Standard Interpretations - (Archived) Table of Contents|
| Standard Number:||1926.550|
December 13, 1978
Mr. Charles H. Butcher, Jr. Manager, Product Safety
P.O. Box 312
Milwaukee, Wisconsin 53201
Dear Mr. Butcher:
This is in response to your recent letter addressed to Assistant Secretary Eula Bingham concerning the hoisting of workman by load lines of cranes. Your letter was forwarded to this office for response.
The Office of Compliance programming has issued a Program Directive to permit the use of crane suspended working platforms; the Office of Variance Determination has granted a similar variance. In our judgment, the use of a crane suspended working platform under controlled conditions offers the safest means of completing difficult work assignments in certain cases. We feel that in some cases, alternative construction methods are comparatively more hazardous to employees than a working platform suspended by a crane. Therefore, we recognize a crane suspended working platform as indicated in OSHA Program Directive #100-48.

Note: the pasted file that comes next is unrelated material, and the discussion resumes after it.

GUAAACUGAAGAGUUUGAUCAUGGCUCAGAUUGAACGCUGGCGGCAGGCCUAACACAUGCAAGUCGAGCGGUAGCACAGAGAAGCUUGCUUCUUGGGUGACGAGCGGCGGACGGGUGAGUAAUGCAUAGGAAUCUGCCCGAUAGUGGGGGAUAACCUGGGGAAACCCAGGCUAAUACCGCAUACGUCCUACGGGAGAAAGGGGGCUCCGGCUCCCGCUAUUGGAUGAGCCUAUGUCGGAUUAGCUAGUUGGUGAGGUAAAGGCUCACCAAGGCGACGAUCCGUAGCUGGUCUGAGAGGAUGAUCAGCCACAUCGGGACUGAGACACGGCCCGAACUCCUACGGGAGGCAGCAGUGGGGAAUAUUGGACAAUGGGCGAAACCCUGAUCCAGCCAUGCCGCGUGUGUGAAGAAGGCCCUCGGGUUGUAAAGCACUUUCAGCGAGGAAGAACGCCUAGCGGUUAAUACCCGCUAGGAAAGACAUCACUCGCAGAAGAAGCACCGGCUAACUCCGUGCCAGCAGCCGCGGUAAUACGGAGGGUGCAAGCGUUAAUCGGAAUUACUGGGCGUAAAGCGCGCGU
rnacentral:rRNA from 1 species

Although general information on injuries was forwarded to us subsequent to the May 2, 1978, meeting, it is our understanding more definitive date was to be supplied. Therefore, any additional explicit accident/injury statistics within your industry on this subject would be appreciated.
Thank you for your continuing interest in safety and health.
Irving Weisblatt, Acting Director, Federal Compliance and State Programs
|Standard Interpretations - (Archived) Table of Contents|
The Department of Labor does not endorse, takes no responsibility for, and exercises no control over the linked organization or its views, or contents, nor does it vouch for the accuracy or accessibility of the information contained on the destination server. The Department of Labor also cannot authorize the use of copyrighted materials contained in linked Web sites. Users must request such authorization from the sponsor of the linked Web site. Thank you for visiting our site. Please click the button below to continue.